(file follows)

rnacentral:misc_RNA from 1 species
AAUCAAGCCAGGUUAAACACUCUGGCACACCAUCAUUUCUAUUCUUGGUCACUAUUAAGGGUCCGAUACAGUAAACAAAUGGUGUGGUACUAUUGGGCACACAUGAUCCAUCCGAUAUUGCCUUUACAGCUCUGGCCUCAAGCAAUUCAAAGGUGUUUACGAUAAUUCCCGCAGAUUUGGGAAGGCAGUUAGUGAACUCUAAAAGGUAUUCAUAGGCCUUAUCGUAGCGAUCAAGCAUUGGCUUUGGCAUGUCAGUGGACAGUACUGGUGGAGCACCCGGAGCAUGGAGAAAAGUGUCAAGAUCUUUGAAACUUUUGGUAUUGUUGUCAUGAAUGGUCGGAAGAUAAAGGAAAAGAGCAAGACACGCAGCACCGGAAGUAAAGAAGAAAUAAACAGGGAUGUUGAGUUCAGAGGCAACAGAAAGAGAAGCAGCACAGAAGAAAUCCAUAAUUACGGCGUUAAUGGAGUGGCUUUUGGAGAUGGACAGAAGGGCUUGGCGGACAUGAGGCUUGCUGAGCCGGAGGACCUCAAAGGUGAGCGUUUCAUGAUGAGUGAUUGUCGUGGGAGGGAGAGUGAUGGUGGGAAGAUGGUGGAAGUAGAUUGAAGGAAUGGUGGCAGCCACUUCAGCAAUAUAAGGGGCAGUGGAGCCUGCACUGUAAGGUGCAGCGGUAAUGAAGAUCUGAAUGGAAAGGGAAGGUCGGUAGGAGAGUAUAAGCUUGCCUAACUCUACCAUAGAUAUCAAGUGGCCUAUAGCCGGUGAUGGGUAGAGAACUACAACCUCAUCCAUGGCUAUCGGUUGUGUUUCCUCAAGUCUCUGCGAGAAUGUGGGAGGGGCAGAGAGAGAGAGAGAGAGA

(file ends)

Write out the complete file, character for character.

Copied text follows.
rnacentral:misc_RNA from 1 species
AAUCAAGCCAGGUUAAACACUCUGGCACACCAUCAUUUCUAUUCUUGGUCACUAUUAAGGGUCCGAUACAGUAAACAAAUGGUGUGGUACUAUUGGGCACACAUGAUCCAUCCGAUAUUGCCUUUACAGCUCUGGCCUCAAGCAAUUCAAAGGUGUUUACGAUAAUUCCCGCAGAUUUGGGAAGGCAGUUAGUGAACUCUAAAAGGUAUUCAUAGGCCUUAUCGUAGCGAUCAAGCAUUGGCUUUGGCAUGUCAGUGGACAGUACUGGUGGAGCACCCGGAGCAUGGAGAAAAGUGUCAAGAUCUUUGAAACUUUUGGUAUUGUUGUCAUGAAUGGUCGGAAGAUAAAGGAAAAGAGCAAGACACGCAGCACCGGAAGUAAAGAAGAAAUAAACAGGGAUGUUGAGUUCAGAGGCAACAGAAAGAGAAGCAGCACAGAAGAAAUCCAUAAUUACGGCGUUAAUGGAGUGGCUUUUGGAGAUGGACAGAAGGGCUUGGCGGACAUGAGGCUUGCUGAGCCGGAGGACCUCAAAGGUGAGCGUUUCAUGAUGAGUGAUUGUCGUGGGAGGGAGAGUGAUGGUGGGAAGAUGGUGGAAGUAGAUUGAAGGAAUGGUGGCAGCCACUUCAGCAAUAUAAGGGGCAGUGGAGCCUGCACUGUAAGGUGCAGCGGUAAUGAAGAUCUGAAUGGAAAGGGAAGGUCGGUAGGAGAGUAUAAGCUUGCCUAACUCUACCAUAGAUAUCAAGUGGCCUAUAGCCGGUGAUGGGUAGAGAACUACAACCUCAUCCAUGGCUAUCGGUUGUGUUUCCUCAAGUCUCUGCGAGAAUGUGGGAGGGGCAGAGAGAGAGAGAGAGAGA